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In 1937, a distinguished visitor touring the United States, the English novelist Aldous Huxley, was traveling through North Carolina by auto one hot summer day. He described "a pleasant but unexciting land" when "all of a sudden, astonishingly, a whole city of gray Gothic stone emerged from the warm pine forest." He was thrilled by the "academic city" with the dominating "leaping tower" of the huge cathedral and the "spreading succession of quadrangles." He called the campus "genuinely beautiful, the most successful essay in neo-Gothic that I know."1 Huxley, like generations of succeeding travelers, had come upon the campus of Duke University. Like most visitors through the years, Huxley was unaware that the dramatic new campus had been designed by the architectural firm of Horace Trumbauer of Philadelphia, where Julian F. Abele, an African American, was chief designer.
The Philadelphia Inquirer devoted only three paragraphs to Abele's death in 1950, but it covered a weekend of celebration honoring him in June 2002, on the seventy-fifth anniversary of the Free Library of Philadelphia, at which Abele [pronounced "able"] received posthumous credit for the design of the central section. During the construction of Duke University in the 1920s a few administrators knew Abele was chief designer in the firm, but his race was not common knowledge. By 2000, however, Abele and his achievements as an African American were the centerpiece of the university's seventy-fifth anniversary celebration. How these celebrations came to be is a story of unusual interest.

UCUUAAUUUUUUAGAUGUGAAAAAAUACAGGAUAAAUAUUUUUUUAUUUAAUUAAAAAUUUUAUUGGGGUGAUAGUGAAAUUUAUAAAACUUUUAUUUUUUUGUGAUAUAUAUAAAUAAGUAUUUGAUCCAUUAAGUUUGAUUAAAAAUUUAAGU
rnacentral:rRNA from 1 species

Neither the Trumbauer firm nor Julian Abele left an archive. Scattered sources, infrequent newspaper articles, and reminiscences by family and friends created over decades constitute the primary sources of information about Abele. His story was one discovered bit by bit, looking backward. The Duke University component, outlined in this essay, was an exercise in archival practice and historical discovery over time.2
Julian Francis Abele (1881–1950) was born into a respected and talented African American family in Philadelphia. His father, born a freedman, worked in the U.S. Treasury Customs House and thus had the means to give his children a valued education. In 1897 Abele graduated from Philadelphia's Institute for Colored Youth, a prestigious Quaker institution, where his Aunt Julia Jones, who taught drawing, steered him toward a career in architecture. In 1898 he earned a Certificate in Architectural Design from the Pennsylvania Museum and School of Industrial Arts. In 1902, Abele graduated from the School of Architecture of the University of Pennsylvania, and in 1903, he received a Certificate of Completion in Architectural Design from the Pennsylvania Academy of Fine Arts. In the latter three institutions Abele was the first of his race to earn a certificate or a degree, a magnificent achievement, though, as Abele noted later in his life, "I lived in the shadows." The shadows of practice, custom, and personality would claim Abele for decades.3 [End Page 7]
Horace Trumbauer (1868–1938), a Philadelphia native, was heard to say, "I hire my brains." Acknowledged as a premier builder of Gilded Age palaces, often in the grand French style, Trumbauer had no higher education, having dropped out of school in his teens. He learned the profession as an apprentice draftsman and through voracious reading. When he began his own firm in 1890, he hired exceptionally qualified personnel and held them to...